Whether these are embryos for freezing, or embryos for transfer, the process is the same. The embryos are assessed for their morphology and a score is assigned. The “best” embryo is then selected. There are 3 main tools used by embryologists to select the best embryo, however, only two are done on every patient. The third is a tool known as preimplantation genetic screening (PGS), which I will discuss more in depth later on.
The first tool is embryo morphology. Does the blastocyst look good? This is a very subjective tool. This is the earliest form of embryo selection in the IVF lab. It would make sense that the embryos that look the best, should result in more pregnancies. Using this logic, selecting embryos with the best morphology should lead to certain success! Unfortunately, we know all too well that isn’t always the case. Morphologically perfect embryos do not always produce positive pregnancies’, and conversely, morphologically imperfect embryos sometimes do!
The second tool is embryo development on day 5 and/or day 6. It is related to the function of the embryo. By culturing to the blastocyst stage, we can select embryos likely to be more viable based on how the embryo is functioning and developing in the lab. When embryos were routinely transferred on day 3, there was no way to know if a particular embryo had developed past that critical cellular stage and would have also stalled out in the lab, or if the embryo did have to ability to develop into a blastocyst, but did not have the capacity to implant . By culturing to the blastocyst stage, we have an idea of the functionality of the embryos. This gives our physicians far more information and knowledge about how to best treat their patient’s in order to achieve a positive outcome. Recent data (Shapiro et al.) have suggested that embryos that divide slowly and reach blastocyst stage on day 6 have a much lower pregnancy rate when transferred. However, as discussed in a previous blog, the pregnancy rate is excellent if these embryos are frozen (cryo-preserved) and transferred in a subsequent cycle.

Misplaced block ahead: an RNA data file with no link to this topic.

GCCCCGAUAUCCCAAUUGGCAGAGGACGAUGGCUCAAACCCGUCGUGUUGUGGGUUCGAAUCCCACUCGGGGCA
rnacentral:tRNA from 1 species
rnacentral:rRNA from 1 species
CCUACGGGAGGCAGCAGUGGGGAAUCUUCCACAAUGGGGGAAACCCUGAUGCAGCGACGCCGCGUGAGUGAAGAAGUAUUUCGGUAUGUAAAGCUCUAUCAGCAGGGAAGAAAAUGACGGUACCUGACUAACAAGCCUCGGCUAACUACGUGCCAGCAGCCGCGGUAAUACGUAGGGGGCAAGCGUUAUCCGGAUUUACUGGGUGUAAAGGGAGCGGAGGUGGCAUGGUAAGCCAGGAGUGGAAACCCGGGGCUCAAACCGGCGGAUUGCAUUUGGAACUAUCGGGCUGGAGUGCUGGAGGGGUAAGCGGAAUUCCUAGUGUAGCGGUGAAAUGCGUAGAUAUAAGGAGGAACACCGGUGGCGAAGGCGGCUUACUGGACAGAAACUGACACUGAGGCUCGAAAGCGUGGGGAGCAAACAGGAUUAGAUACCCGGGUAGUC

The third and most complex tool for embryo selection is testing to see if the embryo has a normal number of chromosomes. This is science. We know that many embryos that have abnormal chromosome numbers (aneuploidy) stall in their development and do not reach the blastocyst stage. However, we know that MANY TIMES even morphologically perfect blastocysts can be chromosomally abnormal. With pre-implantation genetic screening (PGS) of embryos, we can tell if an embryo has a normal number of chromosomes. This is a test that requires the embryos to be biopsied, frozen, and the cells shipped off to a genetic lab for analysis. This is a really big deal in the reproductive world! By combining the grade and the chromosomal status of the embryo, we can transfer a SINGLE blastocyst and get very high success rates.
By combining subjectivity (the grade of the embryo) and science (the chromosomal status of the embryo) we are able to pick out the embryo most likely to implant and result in a successful pregnancy for our patient’s. We call this SMART IVF.
Liza has been an embryologist at InVia Fertility Specialists since 2002. She completed her studies, first in animal science at Southern Illinois University, followed by clinical embryology/reproductive genetics at Eastern Virginia Medical School. Her interests include reproductive genetics, fertility preservation, and mitochondrial function in the human oocyte. She loves being a part of helping others achieve and experience the joy of becoming a parent. Seeing the end result .your baby.makes all the hours in the lab worth it!